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What are DVI and HDMI Connections?

Explanation of DVI and HDMI Connections

You may be seeing more and more products, mostly higher end models, equipped with DVI or HDMI connections. If you are wondering what these are, read on and we will tell you all about them and their benefits.

DVI stands for Digital Video Interface. Although it may seem like new technology, it has been around for a while in the PC industry. DVI is showing up on more and more home theater equipment, but it already has a replacement; HDMI (High Definition Multimedia Interface). The good news is, they are compatible technologies, so you can interconnect DVI and HDMI equipment with an adaptor.

Component, S-video and composite connections carry an analog signal. Even if you have a digital source and a digital TV, the signal will be converted to analog for these connections and then back to digital in the TV. Any time the signal is converted (processed) there is a chance for some degradation. DVI and HDMI, on the other hand, carry a digital signal, so no extra processing is required. This means you get the best possible signal to your television.

HDMI carries a digital audio signal in addition to the video signal and still has bandwidth for future enhancements. So HDMI is definitely the connection for the future of home theater. HDMI connectors resemble USB connectors (from the PC world) and their compactness make them more convenient than the larger DVI connectors.

If you have a DVI connection on your DVD player or cable box and a HDMI connection on your TV (or vice versa), this poses no problem. Purchase an adaptor for about $30 to interconnect these digital connections. The audio signal will require its own cables, unless you use an HDMI to HDMI connection.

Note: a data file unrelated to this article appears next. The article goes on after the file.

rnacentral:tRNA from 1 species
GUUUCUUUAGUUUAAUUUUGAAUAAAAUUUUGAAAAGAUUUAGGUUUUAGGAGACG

So, do you really get a better picture with digital connections? Technically, yes, you get a better signal which should yield a better picture. But in practice, not everyone sees a difference. I tested a Motorola HD DVR set-top box and a Samsung DVD player with both the component connection and then with the DVI connection on a JVC D-ILA television (the TV actually has a HDMI connector, so an adaptor was used) and saw a small but noticeable difference. In viewing an HD program, I had to look very closely, but I could see a small improvement.

So which is better, DVI or HDMI? The video signal is identical with both, so neither offers an advantage. However, the digital audio signal, compact connector and room for future enhancement make HDMI the better choice.

Should you wait for more products with HDMI connections? If some desirable feature makes use of the available extra bandwidth in HDMI you may wish, in years to come, that you had waited. But the future always holds change in store, you can't just keep waiting. With what we know now, there is little reason to wait; the digital video connection is the most important feature.

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